Summary: When Lupin robs a dark web marketplace, the owners turn the eyes of the world on him in an attempt at revenge.
I was out of the loop when The Woman Called Fujiko Mine and Lupin the Third Part 4 aired in their initial TV runs, so this season’s Lupin the Third Part 5 is the first chance I’ve enjoyed to watch a Lupin III series while it airs. The anticipation of waiting a week between episodes promises to be both painful and delicious.
The new series begins where Part 4 left off, with Lupin and gang relocated to France from Italy. A cold open showing mysterious figures pondering Lupin’s elusive origins gives way to a raucously cartoonish opening sequence and a new version of the iconic theme played on the accordion (giving it aural echoes of French café music and the theme to A Shot in the Dark, one of the best Inspector Clouseau films). We then cut to Lupin and Jigen planning a heist targeting Marco Polo, a dark web vendor of drugs and guns that’s more than a little reminiscent of Silk Road.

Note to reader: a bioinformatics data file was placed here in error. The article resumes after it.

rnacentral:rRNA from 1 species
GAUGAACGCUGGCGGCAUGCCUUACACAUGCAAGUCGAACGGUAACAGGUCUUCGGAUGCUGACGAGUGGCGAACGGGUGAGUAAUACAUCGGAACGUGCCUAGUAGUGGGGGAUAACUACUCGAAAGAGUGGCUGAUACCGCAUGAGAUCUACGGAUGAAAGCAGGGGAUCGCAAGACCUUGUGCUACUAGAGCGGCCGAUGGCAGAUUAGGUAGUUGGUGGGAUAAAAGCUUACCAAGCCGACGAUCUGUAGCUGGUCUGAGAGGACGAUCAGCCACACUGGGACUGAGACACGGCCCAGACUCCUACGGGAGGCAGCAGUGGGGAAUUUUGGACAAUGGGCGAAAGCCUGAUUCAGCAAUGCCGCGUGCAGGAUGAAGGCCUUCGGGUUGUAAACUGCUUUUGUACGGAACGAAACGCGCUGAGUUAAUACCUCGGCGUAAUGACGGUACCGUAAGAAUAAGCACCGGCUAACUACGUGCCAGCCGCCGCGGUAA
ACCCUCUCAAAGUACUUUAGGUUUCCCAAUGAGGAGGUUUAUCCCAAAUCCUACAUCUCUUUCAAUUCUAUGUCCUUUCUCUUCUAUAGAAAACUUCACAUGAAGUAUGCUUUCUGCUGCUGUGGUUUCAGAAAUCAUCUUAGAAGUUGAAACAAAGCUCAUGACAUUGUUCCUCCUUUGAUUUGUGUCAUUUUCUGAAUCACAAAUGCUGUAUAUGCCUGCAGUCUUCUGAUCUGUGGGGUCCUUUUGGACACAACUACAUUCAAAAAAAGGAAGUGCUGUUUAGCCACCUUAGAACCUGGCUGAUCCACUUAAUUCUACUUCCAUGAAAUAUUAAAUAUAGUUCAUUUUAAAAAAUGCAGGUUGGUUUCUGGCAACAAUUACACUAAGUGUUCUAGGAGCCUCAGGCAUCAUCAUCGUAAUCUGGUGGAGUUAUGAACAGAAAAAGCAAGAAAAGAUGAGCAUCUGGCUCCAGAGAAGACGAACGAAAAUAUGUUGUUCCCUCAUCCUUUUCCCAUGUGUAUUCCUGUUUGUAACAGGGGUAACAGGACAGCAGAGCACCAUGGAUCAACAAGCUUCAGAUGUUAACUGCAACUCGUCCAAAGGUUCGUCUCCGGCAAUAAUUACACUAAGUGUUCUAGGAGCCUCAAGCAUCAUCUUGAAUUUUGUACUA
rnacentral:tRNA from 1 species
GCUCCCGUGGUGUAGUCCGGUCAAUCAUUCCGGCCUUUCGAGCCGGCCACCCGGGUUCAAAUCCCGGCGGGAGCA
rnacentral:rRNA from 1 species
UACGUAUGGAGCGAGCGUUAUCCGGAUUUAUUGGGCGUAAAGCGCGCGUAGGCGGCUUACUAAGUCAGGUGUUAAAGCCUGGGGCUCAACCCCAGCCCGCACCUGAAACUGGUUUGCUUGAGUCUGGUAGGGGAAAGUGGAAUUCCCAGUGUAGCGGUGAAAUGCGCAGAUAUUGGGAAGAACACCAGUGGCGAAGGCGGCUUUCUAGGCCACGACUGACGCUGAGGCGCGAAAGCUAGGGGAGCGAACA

The pair (and Goemon) infiltrate Marco Polo’s server farm/headquarters in an action sequence that’s half Mission Impossible—Rogue Nation, half Road Runner cartoon. This leads to the introduction of Ami, one of the season’s new characters and the latest in a line of slightly-too-innocent-for-his-taste young women whom Lupin III rescues. Though the theft is successful, Lupin and gang find themselves on the run when the owners of Marco Polo gamify tracking the thief down and turn everyone with a smartphone into unwitting bounty hunters.
Lupin the Third Part 5 charges out of the gate with a smart, thoroughly modern take on the Lupin III heist-adventure formula. While the art isn’t quite as delightful as the previous two TV series (mainly due to flatter colors on the characters), the animation remains expressive and action-packed. Morose, withdrawn (possibly chronically depressed) Ami is amusing in her initial appearance, though it’s far too early to see if she’ll have the impact of Fujiko Mine’s Oscar or Part 4’s Rebecca Rossellini. Inspector Zenigata’s new partner, Yatagarasu, makes no impression, making me wonder if he’s intended for a romance with Ami, almost like one of those bland leading man-types teamed with the Marx Brothers in their later films.
I’m excited by the technological bent of the new series, even if I’m completely indifferent to its promises to explore Lupin’s origins. I hadn’t even heard of Silk Road until reading reviews of the first episode, so I’m hoping the rest of the series continues to educate me about 21st century twists in the heist genre. Even if it doesn’t, Lupin the Third Part 5 will give the thrill of watching a Lupin series unspool in real time for the first time in my life.